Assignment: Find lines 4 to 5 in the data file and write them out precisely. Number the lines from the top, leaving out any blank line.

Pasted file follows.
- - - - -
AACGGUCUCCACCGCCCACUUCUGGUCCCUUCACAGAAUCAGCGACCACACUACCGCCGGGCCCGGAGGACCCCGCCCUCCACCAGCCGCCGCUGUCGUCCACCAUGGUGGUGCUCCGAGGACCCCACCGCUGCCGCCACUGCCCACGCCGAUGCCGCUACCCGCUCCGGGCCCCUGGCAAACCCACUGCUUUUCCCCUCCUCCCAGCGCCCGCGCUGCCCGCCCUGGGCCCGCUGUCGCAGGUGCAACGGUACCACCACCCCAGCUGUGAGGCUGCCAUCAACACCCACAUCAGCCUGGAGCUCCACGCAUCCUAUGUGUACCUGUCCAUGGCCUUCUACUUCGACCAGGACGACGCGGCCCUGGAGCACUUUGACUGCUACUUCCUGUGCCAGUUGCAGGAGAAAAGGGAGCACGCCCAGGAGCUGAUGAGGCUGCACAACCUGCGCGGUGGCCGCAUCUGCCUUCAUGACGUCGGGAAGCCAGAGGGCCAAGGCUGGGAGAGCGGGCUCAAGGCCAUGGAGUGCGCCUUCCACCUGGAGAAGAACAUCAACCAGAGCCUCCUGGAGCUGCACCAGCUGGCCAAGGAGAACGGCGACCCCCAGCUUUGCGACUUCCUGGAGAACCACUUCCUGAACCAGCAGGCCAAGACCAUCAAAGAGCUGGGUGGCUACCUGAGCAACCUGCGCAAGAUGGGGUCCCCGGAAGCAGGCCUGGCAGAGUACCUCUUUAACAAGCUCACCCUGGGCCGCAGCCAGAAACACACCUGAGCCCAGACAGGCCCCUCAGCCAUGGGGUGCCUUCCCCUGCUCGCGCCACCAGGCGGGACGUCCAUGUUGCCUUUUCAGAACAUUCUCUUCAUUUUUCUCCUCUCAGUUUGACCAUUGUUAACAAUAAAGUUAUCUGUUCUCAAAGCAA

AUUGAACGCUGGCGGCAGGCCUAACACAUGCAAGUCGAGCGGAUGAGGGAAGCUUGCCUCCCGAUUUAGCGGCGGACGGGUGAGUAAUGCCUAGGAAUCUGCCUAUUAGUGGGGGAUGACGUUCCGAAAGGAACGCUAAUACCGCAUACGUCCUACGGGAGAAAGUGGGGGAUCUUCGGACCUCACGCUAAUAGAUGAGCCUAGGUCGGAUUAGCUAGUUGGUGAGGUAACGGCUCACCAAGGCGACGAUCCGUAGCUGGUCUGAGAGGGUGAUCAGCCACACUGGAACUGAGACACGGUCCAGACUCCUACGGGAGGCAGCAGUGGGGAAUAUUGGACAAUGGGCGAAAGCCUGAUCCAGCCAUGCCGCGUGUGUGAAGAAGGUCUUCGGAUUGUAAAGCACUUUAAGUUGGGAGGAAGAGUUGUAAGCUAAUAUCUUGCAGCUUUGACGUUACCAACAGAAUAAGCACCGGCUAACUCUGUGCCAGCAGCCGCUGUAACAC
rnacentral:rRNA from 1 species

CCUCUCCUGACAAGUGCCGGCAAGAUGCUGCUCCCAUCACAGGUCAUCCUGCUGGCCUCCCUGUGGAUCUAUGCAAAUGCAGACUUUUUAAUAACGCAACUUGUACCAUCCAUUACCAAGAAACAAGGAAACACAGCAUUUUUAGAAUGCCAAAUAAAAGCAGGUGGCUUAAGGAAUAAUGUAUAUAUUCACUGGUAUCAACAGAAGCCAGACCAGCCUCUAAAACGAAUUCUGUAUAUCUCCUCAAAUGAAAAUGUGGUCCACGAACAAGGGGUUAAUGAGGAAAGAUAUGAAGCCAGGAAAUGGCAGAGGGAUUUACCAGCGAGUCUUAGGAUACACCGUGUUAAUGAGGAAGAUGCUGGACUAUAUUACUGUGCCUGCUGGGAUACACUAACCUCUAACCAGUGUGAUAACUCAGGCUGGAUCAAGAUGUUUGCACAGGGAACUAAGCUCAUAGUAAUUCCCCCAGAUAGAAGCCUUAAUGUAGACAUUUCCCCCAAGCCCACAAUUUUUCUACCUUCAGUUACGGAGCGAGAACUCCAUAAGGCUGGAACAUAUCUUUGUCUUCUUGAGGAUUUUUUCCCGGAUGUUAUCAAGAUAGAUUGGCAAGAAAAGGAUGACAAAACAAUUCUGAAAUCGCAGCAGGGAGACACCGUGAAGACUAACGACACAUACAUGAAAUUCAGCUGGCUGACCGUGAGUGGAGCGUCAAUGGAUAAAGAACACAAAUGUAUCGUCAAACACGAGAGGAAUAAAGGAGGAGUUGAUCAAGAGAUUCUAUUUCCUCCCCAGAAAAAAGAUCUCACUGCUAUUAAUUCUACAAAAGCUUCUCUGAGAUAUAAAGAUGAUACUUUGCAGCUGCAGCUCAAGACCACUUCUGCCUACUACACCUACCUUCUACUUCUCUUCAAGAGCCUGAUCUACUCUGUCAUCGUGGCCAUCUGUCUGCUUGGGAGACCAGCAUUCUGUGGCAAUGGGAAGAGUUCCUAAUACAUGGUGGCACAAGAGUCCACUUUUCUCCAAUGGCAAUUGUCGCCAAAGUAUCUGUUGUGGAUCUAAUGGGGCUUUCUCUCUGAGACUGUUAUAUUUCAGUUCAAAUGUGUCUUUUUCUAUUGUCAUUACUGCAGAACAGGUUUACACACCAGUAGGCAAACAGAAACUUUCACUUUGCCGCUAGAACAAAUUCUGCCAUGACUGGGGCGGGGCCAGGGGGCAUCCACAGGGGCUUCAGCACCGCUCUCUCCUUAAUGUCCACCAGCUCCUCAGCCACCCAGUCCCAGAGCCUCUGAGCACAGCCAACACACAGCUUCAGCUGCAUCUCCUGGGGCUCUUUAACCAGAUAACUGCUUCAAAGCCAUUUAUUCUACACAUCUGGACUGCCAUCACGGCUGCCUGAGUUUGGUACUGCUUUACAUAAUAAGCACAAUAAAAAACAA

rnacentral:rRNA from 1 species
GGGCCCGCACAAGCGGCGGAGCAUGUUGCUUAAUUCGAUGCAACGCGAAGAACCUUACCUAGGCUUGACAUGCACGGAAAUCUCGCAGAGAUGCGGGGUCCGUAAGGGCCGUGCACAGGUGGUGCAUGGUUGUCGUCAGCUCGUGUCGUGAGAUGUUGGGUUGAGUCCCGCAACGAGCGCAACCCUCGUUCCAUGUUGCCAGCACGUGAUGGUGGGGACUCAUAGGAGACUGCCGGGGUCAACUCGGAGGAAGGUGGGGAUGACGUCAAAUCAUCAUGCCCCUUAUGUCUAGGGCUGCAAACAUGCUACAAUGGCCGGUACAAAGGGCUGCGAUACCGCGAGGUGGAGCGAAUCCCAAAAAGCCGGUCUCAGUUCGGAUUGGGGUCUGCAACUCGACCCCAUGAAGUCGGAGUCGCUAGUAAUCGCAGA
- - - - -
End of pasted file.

CCUCUCCUGACAAGUGCCGGCAAGAUGCUGCUCCCAUCACAGGUCAUCCUGCUGGCCUCCCUGUGGAUCUAUGCAAAUGCAGACUUUUUAAUAACGCAACUUGUACCAUCCAUUACCAAGAAACAAGGAAACACAGCAUUUUUAGAAUGCCAAAUAAAAGCAGGUGGCUUAAGGAAUAAUGUAUAUAUUCACUGGUAUCAACAGAAGCCAGACCAGCCUCUAAAACGAAUUCUGUAUAUCUCCUCAAAUGAAAAUGUGGUCCACGAACAAGGGGUUAAUGAGGAAAGAUAUGAAGCCAGGAAAUGGCAGAGGGAUUUACCAGCGAGUCUUAGGAUACACCGUGUUAAUGAGGAAGAUGCUGGACUAUAUUACUGUGCCUGCUGGGAUACACUAACCUCUAACCAGUGUGAUAACUCAGGCUGGAUCAAGAUGUUUGCACAGGGAACUAAGCUCAUAGUAAUUCCCCCAGAUAGAAGCCUUAAUGUAGACAUUUCCCCCAAGCCCACAAUUUUUCUACCUUCAGUUACGGAGCGAGAACUCCAUAAGGCUGGAACAUAUCUUUGUCUUCUUGAGGAUUUUUUCCCGGAUGUUAUCAAGAUAGAUUGGCAAGAAAAGGAUGACAAAACAAUUCUGAAAUCGCAGCAGGGAGACACCGUGAAGACUAACGACACAUACAUGAAAUUCAGCUGGCUGACCGUGAGUGGAGCGUCAAUGGAUAAAGAACACAAAUGUAUCGUCAAACACGAGAGGAAUAAAGGAGGAGUUGAUCAAGAGAUUCUAUUUCCUCCCCAGAAAAAAGAUCUCACUGCUAUUAAUUCUACAAAAGCUUCUCUGAGAUAUAAAGAUGAUACUUUGCAGCUGCAGCUCAAGACCACUUCUGCCUACUACACCUACCUUCUACUUCUCUUCAAGAGCCUGAUCUACUCUGUCAUCGUGGCCAUCUGUCUGCUUGGGAGACCAGCAUUCUGUGGCAAUGGGAAGAGUUCCUAAUACAUGGUGGCACAAGAGUCCACUUUUCUCCAAUGGCAAUUGUCGCCAAAGUAUCUGUUGUGGAUCUAAUGGGGCUUUCUCUCUGAGACUGUUAUAUUUCAGUUCAAAUGUGUCUUUUUCUAUUGUCAUUACUGCAGAACAGGUUUACACACCAGUAGGCAAACAGAAACUUUCACUUUGCCGCUAGAACAAAUUCUGCCAUGACUGGGGCGGGGCCAGGGGGCAUCCACAGGGGCUUCAGCACCGCUCUCUCCUUAAUGUCCACCAGCUCCUCAGCCACCCAGUCCCAGAGCCUCUGAGCACAGCCAACACACAGCUUCAGCUGCAUCUCCUGGGGCUCUUUAACCAGAUAACUGCUUCAAAGCCAUUUAUUCUACACAUCUGGACUGCCAUCACGGCUGCCUGAGUUUGGUACUGCUUUACAUAAUAAGCACAAUAAAAAACAA

rnacentral:rRNA from 1 species